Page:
Posted in | 3D Printing

The Development of 3D Printed Custom-Made Bones

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Danish startup Particle 3D has developed customized, 3D printed bone implants that attach to the skeleton to stimulate natural bone growth, disappearing when the work is completed.

 

In comparison with current techniques used to assist bone repair, the innovation reduces the risk of patients developing infection and enhances the positive effects of tricalcium phosphate through its tailoring to fit the body. This advancement is part of a shift we are seeing in healthcare where 3D printing is beginning to take over from traditional processes in a number of fields.

 

The Rise of 3D Printing in Human Bone Repair

 

Last year, researchers at Northwestern University and the University of Illinois Health, Chicago, successfully used hyperelastic bone, a synthetic material readily produced by 3D-printing, to accelerate bone regeneration in rats with skull defects. The material was seen as having great potential for skull reconstruction in humans, as well as in repairing other bones. This work demonstrates the huge potential presented by 3D printing in human bone repair, which can often be challenging, and causes a significant impact on healing patients, and sometimes permanent damage.

 

Overall, 3D printing has seen a rapid increase in use in the healthcare sector over the past few years. Its use has followed a similar path to how it has been adopted by manufacturing. First, it started out mainly being used as a tool to assist with rapid prototyping, whereas today, it is being used for full-scale production as well as being used innately to establish improved techniques and new approaches.

 

When 3D printing was first used in the field of healthcare it was mainly relied on to print bones, body parts, and even organs to help surgeons prepare for operations by enabling them to visualize the key tissues that they would be working on. From here, the use of 3D printing evolved, seeing it being used to print specific tools, and then medical solutions such as bone implants. There is even research that is exploring how 3D printing may be used in the near future to produce human body parts.

 

Now, scientists have advanced 3D printing’s use in bone implants that facilitate bone repair.

 

3D Printing TCP

 

Typically, surgeons will use implants constructed from polymers or titanium, non-degradable materials that are inserted into the body to help encourage bones to repair correctly. A Danish startup has developed an innovation with the aim of drastically improving on this method. Particle3D uses tricalcium phosphate (TCP) that has been used in reconstructive surgery for many years. Traditionally TCP is molded onto the bone by the surgeons, leaving it up to the surgeon’s judgment to sculpt the substrate into the optimal implant shape.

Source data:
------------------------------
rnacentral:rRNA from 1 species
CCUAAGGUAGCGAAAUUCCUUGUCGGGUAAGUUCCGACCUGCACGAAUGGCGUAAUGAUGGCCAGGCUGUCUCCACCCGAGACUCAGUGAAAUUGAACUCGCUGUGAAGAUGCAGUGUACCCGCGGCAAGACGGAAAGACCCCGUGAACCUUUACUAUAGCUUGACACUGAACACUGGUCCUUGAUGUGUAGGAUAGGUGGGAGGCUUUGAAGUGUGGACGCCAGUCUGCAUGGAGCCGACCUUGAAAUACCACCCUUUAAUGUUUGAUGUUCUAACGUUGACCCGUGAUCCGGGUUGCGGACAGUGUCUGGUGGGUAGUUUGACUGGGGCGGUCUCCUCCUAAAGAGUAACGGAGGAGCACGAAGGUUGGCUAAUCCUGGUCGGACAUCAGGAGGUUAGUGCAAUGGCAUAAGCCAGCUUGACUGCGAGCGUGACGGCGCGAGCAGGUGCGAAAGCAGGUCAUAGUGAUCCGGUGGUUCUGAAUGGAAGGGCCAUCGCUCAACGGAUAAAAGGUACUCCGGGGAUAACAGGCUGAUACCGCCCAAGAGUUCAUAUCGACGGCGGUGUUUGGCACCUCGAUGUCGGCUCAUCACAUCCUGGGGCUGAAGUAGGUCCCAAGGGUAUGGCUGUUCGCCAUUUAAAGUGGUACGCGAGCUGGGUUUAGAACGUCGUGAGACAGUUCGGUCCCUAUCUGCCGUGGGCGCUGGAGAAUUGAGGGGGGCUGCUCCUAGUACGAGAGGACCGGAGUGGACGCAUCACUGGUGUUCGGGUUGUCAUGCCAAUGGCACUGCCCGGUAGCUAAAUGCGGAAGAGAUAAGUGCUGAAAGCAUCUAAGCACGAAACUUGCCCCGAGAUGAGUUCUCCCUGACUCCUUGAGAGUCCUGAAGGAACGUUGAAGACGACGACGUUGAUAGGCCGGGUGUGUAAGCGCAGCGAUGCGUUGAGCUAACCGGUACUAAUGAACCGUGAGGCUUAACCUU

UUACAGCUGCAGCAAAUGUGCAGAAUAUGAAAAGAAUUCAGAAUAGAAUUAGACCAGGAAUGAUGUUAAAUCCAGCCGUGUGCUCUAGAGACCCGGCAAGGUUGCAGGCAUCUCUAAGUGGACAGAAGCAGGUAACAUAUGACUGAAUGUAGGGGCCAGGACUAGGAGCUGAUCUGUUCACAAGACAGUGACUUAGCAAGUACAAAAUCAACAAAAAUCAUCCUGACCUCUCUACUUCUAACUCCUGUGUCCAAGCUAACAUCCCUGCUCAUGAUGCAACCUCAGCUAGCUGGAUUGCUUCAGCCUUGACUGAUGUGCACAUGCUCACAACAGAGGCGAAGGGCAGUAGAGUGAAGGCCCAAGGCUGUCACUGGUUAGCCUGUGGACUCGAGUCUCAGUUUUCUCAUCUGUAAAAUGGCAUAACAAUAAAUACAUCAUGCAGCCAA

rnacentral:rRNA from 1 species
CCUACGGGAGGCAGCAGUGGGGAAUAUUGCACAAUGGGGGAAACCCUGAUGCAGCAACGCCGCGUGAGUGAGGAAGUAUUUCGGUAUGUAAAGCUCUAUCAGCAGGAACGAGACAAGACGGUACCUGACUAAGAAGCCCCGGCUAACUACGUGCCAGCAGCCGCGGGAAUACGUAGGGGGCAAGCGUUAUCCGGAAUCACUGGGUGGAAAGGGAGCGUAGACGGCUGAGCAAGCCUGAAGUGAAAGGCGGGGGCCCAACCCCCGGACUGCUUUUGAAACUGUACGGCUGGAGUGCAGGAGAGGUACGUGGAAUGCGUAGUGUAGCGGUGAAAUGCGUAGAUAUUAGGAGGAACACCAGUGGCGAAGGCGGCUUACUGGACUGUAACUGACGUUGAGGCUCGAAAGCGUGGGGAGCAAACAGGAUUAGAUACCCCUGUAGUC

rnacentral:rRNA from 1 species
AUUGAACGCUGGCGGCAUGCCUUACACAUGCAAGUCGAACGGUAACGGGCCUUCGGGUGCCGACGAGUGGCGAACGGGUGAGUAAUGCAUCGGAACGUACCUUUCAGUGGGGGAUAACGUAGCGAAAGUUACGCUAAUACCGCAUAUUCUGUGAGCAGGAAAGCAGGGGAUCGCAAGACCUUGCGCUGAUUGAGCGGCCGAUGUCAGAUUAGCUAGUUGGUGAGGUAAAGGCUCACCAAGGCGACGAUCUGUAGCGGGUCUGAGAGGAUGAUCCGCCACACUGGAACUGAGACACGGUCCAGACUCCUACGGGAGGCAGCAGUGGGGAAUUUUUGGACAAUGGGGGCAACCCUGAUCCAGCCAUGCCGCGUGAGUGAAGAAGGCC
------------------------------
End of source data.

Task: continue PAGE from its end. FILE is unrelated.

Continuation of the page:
Scientists at Particle3D have used particles of TCP along with fatty acids to create a “bio-ink” that stimulates natural bone growth, but also degrades over time, disappearing from the body after doing its job.

 

The process begins with the patient’s bones or body parts requiring the implant to be scanned. Data from the scan is then entered into a computer program, and it is here where surgeons and medical staff use CAD computer models to assist them in designing the optimally shaped implant that is personalized to the individual. This customized implant is then printed by Particle3D using the special “bio-ink” and transported to the hospital where it is inserted by surgeons.

 

The process of 3D printing with TCP allows Particle3D to create implants that are more porous than conventional ones, which help the implants act as scaffolds to the blood vessels, supporting natural bone growth. As natural bone grows over the implants they slowly degrade. Scientists tested the method on pigs and mice and have reported positive findings, showing that new bone marrow and blood vessels established following just eight weeks after implantation.

Sarah Moore

Written by

Sarah Moore

After studying Psychology and then Neuroscience, Sarah quickly found her enjoyment for researching and writing research papers; turning to a passion to connect ideas with people through writing.

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